Famous Film Poems by Famous Poets

These are examples of famous Film poems written by well-known modern and classical poets. PoetrySoup is a great educational poetry resource of famous film poems.

These examples illustrate what a famous film poem looks like and its form, scheme, or style (where appropriate). The poems may also contain the word 'film'.

Don't forget to view our Member Film Poems. You can find great film poems there too.

See also:
12
 
by Akhmatova, Anna
Copyright Anna Akhmatova
Copyright English translation by Ilya Shambat (ilya_shambat@yahoo.com)
Origin: http://www.geocities.com/ilya_shambat/akhmatova.html

 * I * 

We thought we were beggars, we thought we had nothing at all
But then when we started to...Read More
by Byron, George (Lord)
 LARA. [1] 

CANTO THE FIRST. 

I. 

The Serfs are glad through Lara's wide domain, [2] 
And slavery half forgets her feudal chain; 
He, their unhoped, but unforgotten lord —...Read More
by Dickinson, Emily
14

One Sister have I in our house,
And one, a hedge away.
There's only one recorded,
But both belong to me.

One came the road that I came—
And wore my last year's gown—
The other,...Read More
by Coleridge, Samuel Taylor
The Frost performs its secret ministry,
Unhelped by any wind. The owlet's cry
Came loud---and hark, again! loud as before.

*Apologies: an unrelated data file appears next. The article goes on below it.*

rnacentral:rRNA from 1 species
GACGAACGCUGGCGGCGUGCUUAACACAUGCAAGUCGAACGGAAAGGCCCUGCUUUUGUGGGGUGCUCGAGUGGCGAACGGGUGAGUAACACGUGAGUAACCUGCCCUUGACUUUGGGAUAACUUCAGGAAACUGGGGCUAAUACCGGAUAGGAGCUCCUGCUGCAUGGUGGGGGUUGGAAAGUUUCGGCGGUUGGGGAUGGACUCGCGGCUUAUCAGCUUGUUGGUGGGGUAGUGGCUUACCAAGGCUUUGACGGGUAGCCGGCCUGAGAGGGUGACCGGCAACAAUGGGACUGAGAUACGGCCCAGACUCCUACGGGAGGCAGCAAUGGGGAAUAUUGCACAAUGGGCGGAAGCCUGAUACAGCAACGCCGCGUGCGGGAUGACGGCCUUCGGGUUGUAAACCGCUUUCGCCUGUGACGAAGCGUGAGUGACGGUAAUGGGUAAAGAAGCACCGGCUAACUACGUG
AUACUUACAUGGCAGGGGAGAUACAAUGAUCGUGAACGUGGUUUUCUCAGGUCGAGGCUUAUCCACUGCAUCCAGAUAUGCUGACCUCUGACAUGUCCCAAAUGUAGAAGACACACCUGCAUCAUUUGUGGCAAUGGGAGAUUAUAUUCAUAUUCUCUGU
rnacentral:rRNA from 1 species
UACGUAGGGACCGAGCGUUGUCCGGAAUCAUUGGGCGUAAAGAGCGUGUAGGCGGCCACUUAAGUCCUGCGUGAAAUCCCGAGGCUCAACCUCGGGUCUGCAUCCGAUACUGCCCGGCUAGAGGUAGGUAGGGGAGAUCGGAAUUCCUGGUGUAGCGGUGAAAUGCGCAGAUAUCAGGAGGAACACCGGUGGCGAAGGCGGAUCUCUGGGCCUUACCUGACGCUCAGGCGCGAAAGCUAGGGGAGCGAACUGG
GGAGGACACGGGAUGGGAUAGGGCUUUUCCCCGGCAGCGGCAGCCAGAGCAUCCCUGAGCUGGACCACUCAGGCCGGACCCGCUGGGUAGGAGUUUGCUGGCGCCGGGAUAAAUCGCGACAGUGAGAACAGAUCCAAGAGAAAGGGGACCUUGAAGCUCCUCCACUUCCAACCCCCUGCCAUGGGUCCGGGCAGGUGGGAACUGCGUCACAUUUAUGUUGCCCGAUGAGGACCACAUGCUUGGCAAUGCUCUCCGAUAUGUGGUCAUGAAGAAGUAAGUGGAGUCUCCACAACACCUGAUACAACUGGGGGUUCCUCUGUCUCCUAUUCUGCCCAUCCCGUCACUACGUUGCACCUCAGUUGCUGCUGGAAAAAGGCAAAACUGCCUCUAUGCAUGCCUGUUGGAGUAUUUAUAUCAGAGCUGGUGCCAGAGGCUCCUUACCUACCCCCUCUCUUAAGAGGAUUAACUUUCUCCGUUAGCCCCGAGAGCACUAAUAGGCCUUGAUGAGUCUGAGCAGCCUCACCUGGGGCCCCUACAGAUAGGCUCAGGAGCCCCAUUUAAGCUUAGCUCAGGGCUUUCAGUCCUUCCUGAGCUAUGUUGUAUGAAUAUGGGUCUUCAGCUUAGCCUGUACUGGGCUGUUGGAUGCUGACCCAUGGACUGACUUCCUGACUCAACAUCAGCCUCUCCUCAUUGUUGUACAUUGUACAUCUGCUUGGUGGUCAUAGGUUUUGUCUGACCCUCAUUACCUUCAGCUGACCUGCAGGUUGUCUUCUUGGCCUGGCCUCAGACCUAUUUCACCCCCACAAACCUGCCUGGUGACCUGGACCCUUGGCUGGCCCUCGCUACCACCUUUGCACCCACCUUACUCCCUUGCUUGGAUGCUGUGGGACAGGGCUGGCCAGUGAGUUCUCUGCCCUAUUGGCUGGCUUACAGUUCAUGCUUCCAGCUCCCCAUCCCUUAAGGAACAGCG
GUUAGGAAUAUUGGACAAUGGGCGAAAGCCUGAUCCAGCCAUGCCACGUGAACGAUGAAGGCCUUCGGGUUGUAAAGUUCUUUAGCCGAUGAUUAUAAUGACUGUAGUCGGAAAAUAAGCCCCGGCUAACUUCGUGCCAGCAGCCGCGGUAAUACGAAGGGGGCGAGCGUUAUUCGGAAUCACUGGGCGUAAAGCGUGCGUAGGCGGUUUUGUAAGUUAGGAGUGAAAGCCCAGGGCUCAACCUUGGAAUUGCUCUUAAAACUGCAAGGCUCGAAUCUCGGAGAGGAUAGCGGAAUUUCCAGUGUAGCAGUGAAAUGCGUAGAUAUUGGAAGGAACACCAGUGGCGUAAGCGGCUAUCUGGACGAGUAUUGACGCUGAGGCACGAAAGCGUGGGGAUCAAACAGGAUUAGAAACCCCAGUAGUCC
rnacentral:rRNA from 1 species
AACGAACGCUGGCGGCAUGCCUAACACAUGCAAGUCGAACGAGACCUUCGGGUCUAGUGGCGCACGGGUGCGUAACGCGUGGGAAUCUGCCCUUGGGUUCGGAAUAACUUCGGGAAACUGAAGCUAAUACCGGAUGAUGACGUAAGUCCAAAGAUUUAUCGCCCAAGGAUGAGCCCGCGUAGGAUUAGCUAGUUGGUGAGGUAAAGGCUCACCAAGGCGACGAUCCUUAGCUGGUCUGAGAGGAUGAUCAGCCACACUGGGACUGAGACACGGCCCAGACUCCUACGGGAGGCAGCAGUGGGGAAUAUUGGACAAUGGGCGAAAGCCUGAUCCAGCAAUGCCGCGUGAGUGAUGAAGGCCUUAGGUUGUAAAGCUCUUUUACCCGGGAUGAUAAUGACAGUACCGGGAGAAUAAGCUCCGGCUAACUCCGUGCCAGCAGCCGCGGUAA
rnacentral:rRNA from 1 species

The inmates of my cottage, all at rest,
Have left me to that solitude,...Read More
by Rich, Adrienne
 1.

A conversation begins
with a lie. and each 

speaker of the so-called common language feels
the ice-floe split, the drift apart 

as if powerless, as if up against
a force of nature...Read More
by Milton, John
 Undoubtedly he will relent, and turn 
From his displeasure; in whose look serene, 
When angry most he seemed and most severe, 
What else but favour, grace, and mercy, shone?...Read More
by Bidart, Frank
 The only thing I miss about Los Angeles

is the Hollywood Freeway at midnight, windows down and
radio blaring
bearing right into the center of the city, the Capitol Tower
on the right,...Read More
by Keats, John
 ENDYMION.

A Poetic Romance.

"THE STRETCHED METRE OF AN AN ANTIQUE SONG."
INSCRIBED TO THE MEMORY OF THOMAS CHATTERTON.


Book I


A thing of beauty is a joy for ever:
Its loveliness increases; it will...Read More
by Soyinka, Wole
Blue diaphane, tobacco smoke
Serpentine on wet film and wood glaze,
Mutes chrome, wreathes velvet drapes,
Dims the cave of mirrors. Ghost fingers
Comb seaweed hair, stroke acquamarine veins
Of marooned mariners, captives
Of Circe's sultry...Read More
by Whitman, Walt
 THAT which eludes this verse and any verse, 
Unheard by sharpest ear, unform’d in clearest eye or cunningest mind, 
Nor lore nor fame, nor happiness nor wealth, 
And yet...Read More
by Collins, Billy
 I wonder how it all got started, this business
about seeing your life flash before your eyes
while you drown, as if panic, or the act of submergence,
could startle time into...Read More
by Plath, Sylvia
 The night is only a sort of carbon paper,